Schwalbe does not give any rolling resistance claims for the tyre, but in my experience, it is one of the fastest currently available. The Maxxis Receptor may be slightly quicker on smooth, dry trails, but a tyre will lose grip far quicker in anything loose or slippery.
The carcass certainly did live up to the Souplesse, or supple name and was comfortable, but it also provides lots of feedback. I could feel exactly when the tyre was starting to drift with no surprises through faster, loose corners. The supple carcass will, in part, be due to the puncture resistance layer that Schwalbe calls V-Guard. For the G-One R, this is a strip under the tread and across the section of the tyre that touches the ground. However, it does not extend to the sidewalls, so while comfort increases, there is a slightly increased risk of a puncture, depending on riding surfaces ridden.
While riding, I have not suffered any punctures, either with Tubolito tubes or tubeless, despite riding some very rocky descents at speed to test the puncture resistance. Official gravel races are limited in the UK, but as a race tyre, I feel the balance between speed, comfort and puncture resistance should suit the few events. One long test ride included a large percentage of the 2021 Gritfest event route, and here, the performance was excellent.
With the two sizes available from launch, both widths should suit most new gravel bikes, and while I am not able to test it, I think the widths could suit a mixed-width set-up with the wider 45mm on the front and narrower 40mm on the rear, assuming tyre clearances allow.
Value and verdict
The G-One R has been nothing short of brilliant in testing, tackling every condition ridden and of all the more race orientated tyres I have ridden, it moves to the top of the tree. For more general but still fast riding, the Vittoria Terreno Dry is a superb tyre, which features a full puncture protection layer, and it is also better in mud or loose surfaces than you might expect but still can't match the grip of the G-One R. Continental impressed with the Terra Trail, which also has a very supple, lightweight carcass design but it was less good in mud or on grass.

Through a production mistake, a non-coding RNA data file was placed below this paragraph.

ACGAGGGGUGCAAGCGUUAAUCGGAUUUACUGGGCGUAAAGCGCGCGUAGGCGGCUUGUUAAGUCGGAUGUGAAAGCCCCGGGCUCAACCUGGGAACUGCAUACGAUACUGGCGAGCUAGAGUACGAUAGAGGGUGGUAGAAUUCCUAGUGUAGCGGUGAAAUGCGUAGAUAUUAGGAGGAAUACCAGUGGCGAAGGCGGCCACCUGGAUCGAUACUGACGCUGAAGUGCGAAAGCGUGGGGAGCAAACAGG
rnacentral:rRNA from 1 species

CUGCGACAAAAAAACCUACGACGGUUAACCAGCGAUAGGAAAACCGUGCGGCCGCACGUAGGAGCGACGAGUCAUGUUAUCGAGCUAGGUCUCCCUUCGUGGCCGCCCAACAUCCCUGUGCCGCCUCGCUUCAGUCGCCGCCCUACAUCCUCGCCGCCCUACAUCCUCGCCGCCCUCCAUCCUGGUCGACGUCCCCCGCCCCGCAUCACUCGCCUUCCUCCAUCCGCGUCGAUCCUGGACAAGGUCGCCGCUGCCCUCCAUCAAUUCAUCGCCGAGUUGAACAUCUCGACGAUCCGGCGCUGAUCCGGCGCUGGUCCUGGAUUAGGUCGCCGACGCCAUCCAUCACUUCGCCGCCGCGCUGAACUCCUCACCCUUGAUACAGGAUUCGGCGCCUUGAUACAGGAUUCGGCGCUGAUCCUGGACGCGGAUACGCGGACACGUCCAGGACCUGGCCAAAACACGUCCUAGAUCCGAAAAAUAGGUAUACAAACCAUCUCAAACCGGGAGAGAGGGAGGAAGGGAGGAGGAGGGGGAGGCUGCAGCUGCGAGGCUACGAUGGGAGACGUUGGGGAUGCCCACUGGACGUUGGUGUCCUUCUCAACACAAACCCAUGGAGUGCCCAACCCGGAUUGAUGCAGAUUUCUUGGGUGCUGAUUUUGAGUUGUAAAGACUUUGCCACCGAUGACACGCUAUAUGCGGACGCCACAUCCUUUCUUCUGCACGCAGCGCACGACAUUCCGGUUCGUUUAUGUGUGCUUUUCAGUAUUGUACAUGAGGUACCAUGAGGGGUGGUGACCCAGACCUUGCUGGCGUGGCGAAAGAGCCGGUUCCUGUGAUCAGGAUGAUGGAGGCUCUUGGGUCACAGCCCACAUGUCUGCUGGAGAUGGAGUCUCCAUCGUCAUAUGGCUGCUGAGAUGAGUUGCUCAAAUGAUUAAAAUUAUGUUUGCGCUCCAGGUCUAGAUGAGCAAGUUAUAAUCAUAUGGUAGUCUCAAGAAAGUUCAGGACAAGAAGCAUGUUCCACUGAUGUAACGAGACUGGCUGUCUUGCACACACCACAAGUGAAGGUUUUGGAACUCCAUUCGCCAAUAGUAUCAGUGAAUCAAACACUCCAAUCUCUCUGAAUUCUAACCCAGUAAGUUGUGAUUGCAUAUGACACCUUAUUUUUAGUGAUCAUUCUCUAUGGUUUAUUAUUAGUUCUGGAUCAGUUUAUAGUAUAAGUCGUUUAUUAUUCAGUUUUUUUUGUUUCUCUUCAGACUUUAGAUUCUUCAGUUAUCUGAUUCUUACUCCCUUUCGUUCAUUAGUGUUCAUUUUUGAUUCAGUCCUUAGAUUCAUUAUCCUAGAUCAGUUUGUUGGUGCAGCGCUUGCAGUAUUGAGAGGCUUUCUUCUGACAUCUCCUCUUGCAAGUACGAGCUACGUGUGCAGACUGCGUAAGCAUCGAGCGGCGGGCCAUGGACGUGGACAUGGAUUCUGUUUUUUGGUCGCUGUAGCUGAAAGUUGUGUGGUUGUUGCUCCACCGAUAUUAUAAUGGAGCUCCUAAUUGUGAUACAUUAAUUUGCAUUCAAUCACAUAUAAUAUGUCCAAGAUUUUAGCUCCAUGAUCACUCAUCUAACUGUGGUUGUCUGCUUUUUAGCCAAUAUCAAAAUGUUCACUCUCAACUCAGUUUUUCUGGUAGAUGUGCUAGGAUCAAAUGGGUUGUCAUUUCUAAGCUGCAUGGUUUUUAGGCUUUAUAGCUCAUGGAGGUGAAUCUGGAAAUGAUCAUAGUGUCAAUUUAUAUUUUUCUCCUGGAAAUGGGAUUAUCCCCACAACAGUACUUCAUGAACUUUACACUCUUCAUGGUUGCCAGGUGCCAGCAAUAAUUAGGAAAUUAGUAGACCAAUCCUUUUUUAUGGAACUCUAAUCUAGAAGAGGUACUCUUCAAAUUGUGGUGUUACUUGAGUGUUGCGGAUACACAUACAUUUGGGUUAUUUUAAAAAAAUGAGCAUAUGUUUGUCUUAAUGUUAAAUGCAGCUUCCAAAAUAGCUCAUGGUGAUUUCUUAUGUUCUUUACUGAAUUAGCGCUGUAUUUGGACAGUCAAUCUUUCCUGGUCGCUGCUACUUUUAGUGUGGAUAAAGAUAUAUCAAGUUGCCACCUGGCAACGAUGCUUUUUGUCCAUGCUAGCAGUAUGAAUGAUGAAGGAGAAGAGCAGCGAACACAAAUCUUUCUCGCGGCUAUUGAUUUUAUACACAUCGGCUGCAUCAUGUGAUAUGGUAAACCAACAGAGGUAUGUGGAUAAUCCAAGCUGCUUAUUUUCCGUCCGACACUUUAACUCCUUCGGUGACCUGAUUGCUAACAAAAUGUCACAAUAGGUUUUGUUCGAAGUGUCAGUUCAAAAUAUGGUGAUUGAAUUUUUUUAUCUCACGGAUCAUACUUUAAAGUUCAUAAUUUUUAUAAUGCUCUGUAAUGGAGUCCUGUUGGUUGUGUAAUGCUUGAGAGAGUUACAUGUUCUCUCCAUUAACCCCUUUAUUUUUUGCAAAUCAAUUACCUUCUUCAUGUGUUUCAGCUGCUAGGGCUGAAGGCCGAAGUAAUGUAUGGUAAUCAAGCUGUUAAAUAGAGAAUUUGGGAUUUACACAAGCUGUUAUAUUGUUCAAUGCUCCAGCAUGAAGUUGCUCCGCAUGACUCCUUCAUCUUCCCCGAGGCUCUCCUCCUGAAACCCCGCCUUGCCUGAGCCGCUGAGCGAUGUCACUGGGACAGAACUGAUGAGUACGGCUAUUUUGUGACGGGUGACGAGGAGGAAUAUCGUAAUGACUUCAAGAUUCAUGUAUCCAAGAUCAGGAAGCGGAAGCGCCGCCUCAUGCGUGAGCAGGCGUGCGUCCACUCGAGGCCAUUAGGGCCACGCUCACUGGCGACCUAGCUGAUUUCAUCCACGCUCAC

For general riding, the price is likely to be the biggest downside. Still, I hope that Schwalbe can create a cheaper version, with a full puncture protection layer that will suit more general riding and bikepacking as the grip and speed the tyre provides would lend themselves to that style of riding.
At a penny shy of £70 for a single tyre, the Schwalbe G-One R is expensive, costing significantly more than most competitors with the Continental Terra Trail at £60 and Maxxis Receptor at £50, and the Vittoria Terreno Dry seeming like a bargain in comparison at £45. Official gravel races may not be that common here yet, but if you have entered one and are looking for a tyre that can deliver speed and grip, nothing I have ridden beats this to date.
If you make a list of attributes you want from a gravel tyre for races, the G-One R will tick all the boxes, and if I were about to take part in a gravel race and given the choice of any tyre, almost regardless of trail surface or weather, the Schwalbe G-One R would be my choice.